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Ionising radiation

Environmental Radioactivity - Medicine - Occupational Radiation Protection - Nuclear Hazards Defence

Ionisierende Strahlung

Natural radioactivity in food

  • With the essential elements for food taken up from the soil, also radioactive substances get into the plants and thus into the food chain.
  • Knowledge of the content of natural radioactive substances in food is necessary to estimate the radiation exposure to man resulting from the ingestion of food.
  • The results show that with regard to the mixed diet, there is no significant difference between the individual German regions.

Among the Federal Office for Radiation Protection’s (BfS) tasks are investigations into natural radiation exposure. Besides external radiation exposure caused by cosmic radiation and natural radionuclides in soil and rocks and radiation exposure due to radon and its short-lived decay products, the type of radiation exposure is of interest that is caused by the ingestion of natural radionuclides with food.

Objective of investigations

The knowledge of the natural level of radioactivity in food is necessary, among others, to recognise and be able to evaluate changes resulting from impact of humans. This is e.g. essential for decisions to be taken on the utilisation of surfaces that have been radioactively contaminated by mining.

To get a general idea of the issue, mixed diet samples taken from the daily rations of Community institutions all over the Federal Republic of Germany were examined in 2001/2002. The programme continued until 2004; the results are summarised here.

Investigation results

Food produced in Germany shows in most cases very low concentrations of long-lived radionuclides of the uranium and thorium decay chains. This also applies to food from areas with geologically caused enhanced natural environmental radioactivity.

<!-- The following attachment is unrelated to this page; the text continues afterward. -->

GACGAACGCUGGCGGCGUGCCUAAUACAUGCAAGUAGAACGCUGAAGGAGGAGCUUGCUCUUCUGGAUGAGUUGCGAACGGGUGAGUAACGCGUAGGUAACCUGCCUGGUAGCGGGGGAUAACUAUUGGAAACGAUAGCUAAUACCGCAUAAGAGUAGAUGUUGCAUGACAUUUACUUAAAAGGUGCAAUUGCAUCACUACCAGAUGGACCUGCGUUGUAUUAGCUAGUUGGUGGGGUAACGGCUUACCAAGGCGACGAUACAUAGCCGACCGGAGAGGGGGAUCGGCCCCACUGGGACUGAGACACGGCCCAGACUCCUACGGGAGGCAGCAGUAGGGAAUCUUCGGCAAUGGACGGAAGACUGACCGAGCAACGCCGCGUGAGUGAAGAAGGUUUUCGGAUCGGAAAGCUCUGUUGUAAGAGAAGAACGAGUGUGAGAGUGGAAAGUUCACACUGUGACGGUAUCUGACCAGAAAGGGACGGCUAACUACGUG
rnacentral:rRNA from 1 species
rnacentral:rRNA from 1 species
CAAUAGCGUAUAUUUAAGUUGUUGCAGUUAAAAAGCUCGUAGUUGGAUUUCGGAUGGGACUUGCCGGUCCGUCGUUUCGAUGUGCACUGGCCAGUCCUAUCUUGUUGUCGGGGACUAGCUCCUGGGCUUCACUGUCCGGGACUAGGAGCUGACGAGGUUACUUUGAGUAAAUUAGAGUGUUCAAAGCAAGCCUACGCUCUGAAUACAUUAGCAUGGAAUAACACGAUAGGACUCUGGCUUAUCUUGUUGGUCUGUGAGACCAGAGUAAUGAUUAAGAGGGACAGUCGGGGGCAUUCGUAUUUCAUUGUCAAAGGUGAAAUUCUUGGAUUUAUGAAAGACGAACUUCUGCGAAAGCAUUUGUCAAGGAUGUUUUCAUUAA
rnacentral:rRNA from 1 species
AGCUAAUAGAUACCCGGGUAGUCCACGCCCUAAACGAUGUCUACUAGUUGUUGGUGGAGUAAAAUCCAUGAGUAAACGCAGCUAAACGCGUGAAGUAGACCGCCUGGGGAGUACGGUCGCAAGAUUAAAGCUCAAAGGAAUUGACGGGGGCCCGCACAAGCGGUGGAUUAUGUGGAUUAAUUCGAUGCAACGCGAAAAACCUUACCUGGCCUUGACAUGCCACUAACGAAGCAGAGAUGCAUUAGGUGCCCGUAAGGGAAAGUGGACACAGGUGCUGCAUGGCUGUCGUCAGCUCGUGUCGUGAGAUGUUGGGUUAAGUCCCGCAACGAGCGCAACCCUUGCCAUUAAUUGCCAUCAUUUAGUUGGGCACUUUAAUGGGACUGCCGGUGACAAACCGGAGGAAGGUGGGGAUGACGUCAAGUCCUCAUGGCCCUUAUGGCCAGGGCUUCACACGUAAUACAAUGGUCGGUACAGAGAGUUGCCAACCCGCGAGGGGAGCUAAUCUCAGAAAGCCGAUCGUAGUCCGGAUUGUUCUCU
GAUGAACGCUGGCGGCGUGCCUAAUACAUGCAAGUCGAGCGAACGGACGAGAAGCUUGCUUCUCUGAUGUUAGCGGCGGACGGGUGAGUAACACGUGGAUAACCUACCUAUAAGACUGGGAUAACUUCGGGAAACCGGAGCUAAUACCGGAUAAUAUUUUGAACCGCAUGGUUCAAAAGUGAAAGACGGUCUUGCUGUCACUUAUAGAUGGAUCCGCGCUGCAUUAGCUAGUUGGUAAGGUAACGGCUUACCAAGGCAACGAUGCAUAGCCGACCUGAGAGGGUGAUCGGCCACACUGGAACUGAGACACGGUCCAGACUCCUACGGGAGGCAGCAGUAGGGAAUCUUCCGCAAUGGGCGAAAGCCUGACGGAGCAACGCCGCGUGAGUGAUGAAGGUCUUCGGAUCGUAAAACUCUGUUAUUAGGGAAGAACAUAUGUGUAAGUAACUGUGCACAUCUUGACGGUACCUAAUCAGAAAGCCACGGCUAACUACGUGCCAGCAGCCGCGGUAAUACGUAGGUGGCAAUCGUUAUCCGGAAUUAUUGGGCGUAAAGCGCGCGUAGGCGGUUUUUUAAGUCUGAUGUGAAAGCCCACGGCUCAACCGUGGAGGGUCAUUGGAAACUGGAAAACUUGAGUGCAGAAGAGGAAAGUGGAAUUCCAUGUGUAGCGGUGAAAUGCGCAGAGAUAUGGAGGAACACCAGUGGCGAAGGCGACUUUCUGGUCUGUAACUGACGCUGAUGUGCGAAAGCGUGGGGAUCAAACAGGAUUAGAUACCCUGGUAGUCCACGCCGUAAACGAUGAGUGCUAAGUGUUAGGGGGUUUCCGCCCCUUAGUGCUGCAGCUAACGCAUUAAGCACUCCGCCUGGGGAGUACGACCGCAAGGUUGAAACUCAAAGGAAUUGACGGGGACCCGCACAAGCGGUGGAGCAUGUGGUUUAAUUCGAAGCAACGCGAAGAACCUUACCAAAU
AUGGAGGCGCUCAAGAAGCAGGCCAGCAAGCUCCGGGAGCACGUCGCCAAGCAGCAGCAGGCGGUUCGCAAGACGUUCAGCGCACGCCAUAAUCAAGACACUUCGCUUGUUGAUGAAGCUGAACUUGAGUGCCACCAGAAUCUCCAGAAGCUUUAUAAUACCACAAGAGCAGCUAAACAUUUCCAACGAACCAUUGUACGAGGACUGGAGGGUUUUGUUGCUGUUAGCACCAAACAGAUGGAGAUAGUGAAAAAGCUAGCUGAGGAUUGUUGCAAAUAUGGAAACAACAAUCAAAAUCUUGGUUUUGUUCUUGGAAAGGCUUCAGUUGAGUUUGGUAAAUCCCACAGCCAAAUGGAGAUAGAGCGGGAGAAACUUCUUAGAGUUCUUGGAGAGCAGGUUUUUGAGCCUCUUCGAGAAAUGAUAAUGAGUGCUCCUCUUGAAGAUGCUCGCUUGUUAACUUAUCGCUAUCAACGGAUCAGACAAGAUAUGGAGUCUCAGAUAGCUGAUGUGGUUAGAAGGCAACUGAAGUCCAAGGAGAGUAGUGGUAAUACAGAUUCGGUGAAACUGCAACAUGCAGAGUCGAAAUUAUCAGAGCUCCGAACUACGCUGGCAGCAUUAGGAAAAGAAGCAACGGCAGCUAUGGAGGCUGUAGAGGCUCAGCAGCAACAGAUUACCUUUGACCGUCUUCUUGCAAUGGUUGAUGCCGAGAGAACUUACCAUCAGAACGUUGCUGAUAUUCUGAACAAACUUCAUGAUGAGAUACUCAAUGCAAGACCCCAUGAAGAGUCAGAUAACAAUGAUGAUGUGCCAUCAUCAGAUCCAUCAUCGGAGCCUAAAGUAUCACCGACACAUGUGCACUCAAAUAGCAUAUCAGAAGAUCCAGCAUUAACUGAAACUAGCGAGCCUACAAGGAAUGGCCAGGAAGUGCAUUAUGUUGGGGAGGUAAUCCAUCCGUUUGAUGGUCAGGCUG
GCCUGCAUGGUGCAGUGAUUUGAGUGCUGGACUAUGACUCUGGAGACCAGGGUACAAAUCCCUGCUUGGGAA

The Federal Office for Radiation Protection examined the mixed diet, i.e. the solid and liquid components of the mixed diet provided in different Community institutions. The results of these examinations (66 samples of mixed diet for adults, 11 samples of mixed diet for young children aged nine months) are shown in the following table:

Specific activity of natural radionuclides in a mixed diet (Samples: Mixed diet from Community institutions)
(in becquerels per kilogram [Bq/kg])
Baby food (for nine-month-old babies)Mixed diet of adults

Mean value

Range of values

Mean value

Range of volues

Uranium-2380,0070,005 - 0,0100,0080,001 - 0,020
Uranium-234 0,008 **0,0120,004 - 0,036
Thorium-2300,003< 0,001 - 0,0040,001< 0,001 - 0,004
Radium-2260,0220,009 - 0,0320,021< 0,006 - 0,042
Lead-2100,0340,017 - 0,0690,0280,010 - 0,115
Thorium-2320,001 **0,001< 0,001 - 0,004
Radium-228 *0,020< 0,013 - 0,0310,032< 0,016 - 0,069
Thorium-228 *0,008 **0,0090,007 - 0,013

* Values on the day of sampling

** Single value

The median values are in the same order of magnitude (0.001 to 0.130 becquerels per kilogram fresh mass), only in grain are they in part slightly higher (0.009 to 0.365 becquerels per kilogramme fresh mass). Here, too, the radionuclides lead-210, radium-228 and radium-226 dominate.